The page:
Naomi Osaka may have laid the groundwork for that understanding. After the French Open had started, she announced she would not engage in press conferences in order to diminish what she said was battles with anxiety and depression. After some online parrying with organizers, she pulled out of the French Open. Then last week, she lost in the second round of the singles tennis Olympic competition, sparking questions of whether the stress of the constant attention had affected her.
On July 16, WNBA Las Vegas Aces star, Liz Cambage, announced she was leaving Australian national basketball team. Suffering from panic attacks, and unable to sleep, she admitted that she would be unable to perform to the best of her abilities.
“It’s no secret that in the past I’ve struggled with my mental health and recently I’ve been really worried about heading into a ‘bubble’ Olympics,” according to the Sydney Morning Herald. “No family. No friends. No fans. No support system outside of my team. It’s honestly terrifying for me.
Then on July 27, just after the start of the women’s gymnastics team competition, American gymnast Simone Biles suddenly announced she was no longer going to compete. The world media had already declared her Olympic champion years before the start of Tokyo 2020. She has been repeatedly called the GOAT (greatest of all time). But after a poor vault at the start of the competition, she realized that she had to put her mental health first. Here’s how she explained it to NPR:
It’s been really stressful, this Olympic Games. I think just as a whole, not having an audience, there are a lot of different variables going into it. It’s been a long week, it’s been a long Olympic process, it’s been a long year. So just a lot of different variables, and I think we’re just a little bit too stressed out. But we should be out here having fun, and sometimes that’s not the case.
In the judo competition, Team Japan has had unprecedented success – out of 14 possible gold medals, they grabbed 9, as well as a silver and bronze.
It is time to remember Olympians who participated at the Tokyo Olympics in 1964 and passed away in 2020. I’ve been able to identify 37 such Olympians, a few I knew personally. They were medalists and participants from all parts of the world, and a wide variety of sport. And in this annus horribilis, several were victims to coronavirus. They will be missed.
Here they are, in alphabetical order by last name.
Csaba Ali swam for team Hungary at the 1964 Toyo Olympics, in the men’s 4×200 meter freestyle relay as well as the 400 meter individual medley. He passed away on December 27, 2020 at the age of 74.
Fernando Atzori won the gold medal in flyweight boxing at the 1964 Tokyo Olympics. From a small town called Ales in Sardinia, Italy. Atzori taught himself boxing, went on to be an Olympic champion as well as a European flyweight champion as a professional in 1967, defending his championship nine times before losing it in 1972. After a long illness, Atzori died on November 9, 2020 at the age of 78.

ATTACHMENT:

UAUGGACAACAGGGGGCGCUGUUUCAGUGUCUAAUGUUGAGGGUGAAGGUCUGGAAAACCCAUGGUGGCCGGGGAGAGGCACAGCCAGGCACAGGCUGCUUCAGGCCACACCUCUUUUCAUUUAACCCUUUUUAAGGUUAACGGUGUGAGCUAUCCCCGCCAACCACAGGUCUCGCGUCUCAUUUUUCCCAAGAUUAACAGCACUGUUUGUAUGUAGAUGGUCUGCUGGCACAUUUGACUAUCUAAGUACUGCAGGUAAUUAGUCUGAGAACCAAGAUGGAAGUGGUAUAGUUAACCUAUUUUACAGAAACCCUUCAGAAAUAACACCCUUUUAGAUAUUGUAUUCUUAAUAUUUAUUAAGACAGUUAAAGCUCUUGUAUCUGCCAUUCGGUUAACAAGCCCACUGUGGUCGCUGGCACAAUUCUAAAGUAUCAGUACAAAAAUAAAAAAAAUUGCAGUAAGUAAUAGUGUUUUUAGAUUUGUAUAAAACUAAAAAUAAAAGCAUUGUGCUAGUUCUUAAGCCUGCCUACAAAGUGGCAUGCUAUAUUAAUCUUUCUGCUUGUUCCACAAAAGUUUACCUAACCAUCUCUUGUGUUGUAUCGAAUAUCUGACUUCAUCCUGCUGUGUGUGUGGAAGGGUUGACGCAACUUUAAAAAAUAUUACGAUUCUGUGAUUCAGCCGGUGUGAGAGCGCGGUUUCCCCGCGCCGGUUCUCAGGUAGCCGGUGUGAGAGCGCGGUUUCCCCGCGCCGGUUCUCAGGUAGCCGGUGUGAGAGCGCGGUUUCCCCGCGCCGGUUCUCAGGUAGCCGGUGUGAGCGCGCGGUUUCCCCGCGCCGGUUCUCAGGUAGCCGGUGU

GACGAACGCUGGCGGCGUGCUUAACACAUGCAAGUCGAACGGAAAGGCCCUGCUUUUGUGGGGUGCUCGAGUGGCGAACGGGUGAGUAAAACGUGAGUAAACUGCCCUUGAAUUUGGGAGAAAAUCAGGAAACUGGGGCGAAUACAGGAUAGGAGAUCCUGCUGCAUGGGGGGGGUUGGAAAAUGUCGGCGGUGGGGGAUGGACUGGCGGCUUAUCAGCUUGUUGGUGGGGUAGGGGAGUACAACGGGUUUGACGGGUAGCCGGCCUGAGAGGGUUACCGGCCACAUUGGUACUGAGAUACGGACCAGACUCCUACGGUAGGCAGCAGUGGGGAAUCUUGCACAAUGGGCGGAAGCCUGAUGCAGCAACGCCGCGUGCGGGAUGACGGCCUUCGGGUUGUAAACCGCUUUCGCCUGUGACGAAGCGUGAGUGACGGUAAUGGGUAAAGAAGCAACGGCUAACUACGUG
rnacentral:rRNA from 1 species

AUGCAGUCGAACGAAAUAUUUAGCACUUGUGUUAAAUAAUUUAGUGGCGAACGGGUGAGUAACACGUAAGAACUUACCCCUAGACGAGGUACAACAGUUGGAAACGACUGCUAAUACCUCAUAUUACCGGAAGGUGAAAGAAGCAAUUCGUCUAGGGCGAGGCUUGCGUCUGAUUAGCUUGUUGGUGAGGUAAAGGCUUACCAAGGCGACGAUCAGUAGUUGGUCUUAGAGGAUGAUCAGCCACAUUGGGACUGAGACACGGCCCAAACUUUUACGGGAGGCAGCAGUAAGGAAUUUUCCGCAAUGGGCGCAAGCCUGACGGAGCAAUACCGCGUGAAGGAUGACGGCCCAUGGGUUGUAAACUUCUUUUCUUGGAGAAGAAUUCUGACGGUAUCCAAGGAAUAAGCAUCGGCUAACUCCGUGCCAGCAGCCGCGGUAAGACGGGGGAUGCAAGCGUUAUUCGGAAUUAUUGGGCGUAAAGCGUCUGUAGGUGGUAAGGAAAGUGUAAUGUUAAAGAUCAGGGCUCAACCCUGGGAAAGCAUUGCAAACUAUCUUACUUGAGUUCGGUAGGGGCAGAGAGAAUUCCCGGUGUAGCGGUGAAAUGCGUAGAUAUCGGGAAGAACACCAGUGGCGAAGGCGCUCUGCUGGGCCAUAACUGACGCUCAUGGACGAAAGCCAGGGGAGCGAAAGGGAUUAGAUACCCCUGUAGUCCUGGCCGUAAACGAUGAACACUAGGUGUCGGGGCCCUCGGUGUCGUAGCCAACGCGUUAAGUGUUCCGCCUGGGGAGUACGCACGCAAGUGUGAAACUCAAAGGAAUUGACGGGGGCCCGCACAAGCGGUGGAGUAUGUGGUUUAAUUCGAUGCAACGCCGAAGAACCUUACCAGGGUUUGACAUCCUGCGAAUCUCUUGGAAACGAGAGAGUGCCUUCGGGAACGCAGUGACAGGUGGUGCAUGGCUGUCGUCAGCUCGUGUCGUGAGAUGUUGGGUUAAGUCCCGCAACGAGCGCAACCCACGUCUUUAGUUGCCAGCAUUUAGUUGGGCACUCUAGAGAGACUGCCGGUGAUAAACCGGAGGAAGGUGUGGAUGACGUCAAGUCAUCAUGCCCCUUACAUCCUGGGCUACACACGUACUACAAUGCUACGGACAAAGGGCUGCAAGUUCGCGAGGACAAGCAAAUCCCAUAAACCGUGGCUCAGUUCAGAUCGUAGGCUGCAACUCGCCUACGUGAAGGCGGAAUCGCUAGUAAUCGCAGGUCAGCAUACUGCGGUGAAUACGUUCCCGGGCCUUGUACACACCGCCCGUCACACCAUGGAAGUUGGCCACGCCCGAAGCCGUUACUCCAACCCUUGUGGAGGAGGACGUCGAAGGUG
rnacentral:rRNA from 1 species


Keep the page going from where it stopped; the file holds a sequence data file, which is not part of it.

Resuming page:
Kazim Ayvaz, three-time Olympic Greco-Roman wrestler from Turkey, died on January 18, 2020 in Heisingborg, Sweden. A native of Rize, Ayvaz won the gold medal in lightweight Greco-Roman wrestling for Turkey at the 1964 Tokyo Olympics. He also competed at the 1960 and 1968 Summer Olympics. Ayvaz continued to wrestle until 1969 and was inducted into the FILA International Wrestling Hall of Fame in September 2011. He was 81.
Cliff Bertrand was a sprinter from Trinidad and Tobago, and he was a fellow New Yorker, running track at New York University, where he got his master’s degree. He got his Doctor of Education degree from Columbia University, as well as a law degree at Queens College. Bertrand ran in the men’s 200 meters and 4×400 meters relay team for Trinidad and Tobago at both the 1960 and 1964 Summer Olympics. Bertrand died in Long Island City, NY on November 28, 2020.
Heinfried Birlenbach was a shot putter from West Germany, a three-time Olympian who competed at the Tokyo, Mexico City and Munich Summer Olympics. According to his profile, Birlenbach was “an educated draftsman, then gas station attendant, petrol station owner, owner of a sauna company, and eventually became an insurance businessman,” in addition to being an “avid discus thrower and weightlifter.” The man who was born in the city of Birlenbach, died there on November 11, 2020, a few weeks from turning 80.
Tony Blue was a member of the Australian track and field team, competing in the 800 meters at the 1960 and 1964 Summer Olympics. He also competed in the 4×400 meters relay in Tokyo. He would go on to get his medical degree and practice medicine in Brisbane. The doctor from Dubbo died on October 1, 2020. He was 84 years old.
Miguelina Cobián of Cuba passed away on December 1, 2019 in Havana. She was 77 years old. At the 1964 Tokyo Olympics, she was the first Cuban ever to reach an Olympic sprint final, finishing fifth in the 100 meters. She was also on the Cuban 4×100 meter relay team that took silver behind the United States at the 1968 Mexico City Olympics. It is said that the great Czech runner, Emil Zátopek discovered her, and actually trained her early in her career.
Ernesto Contreras was a cyclist representing Argentina, who raced in three Olympics, from 1960 to 1968. Competing in the 4000 meter Team Pursuit in all three Olympiads, as well as the 100 kilometer Team Time Trial in 1968. Contreras was one of Argentina’s best known cyclists. He was born in Medrano, and died in Mendoza on October 25, 2020. He was 83.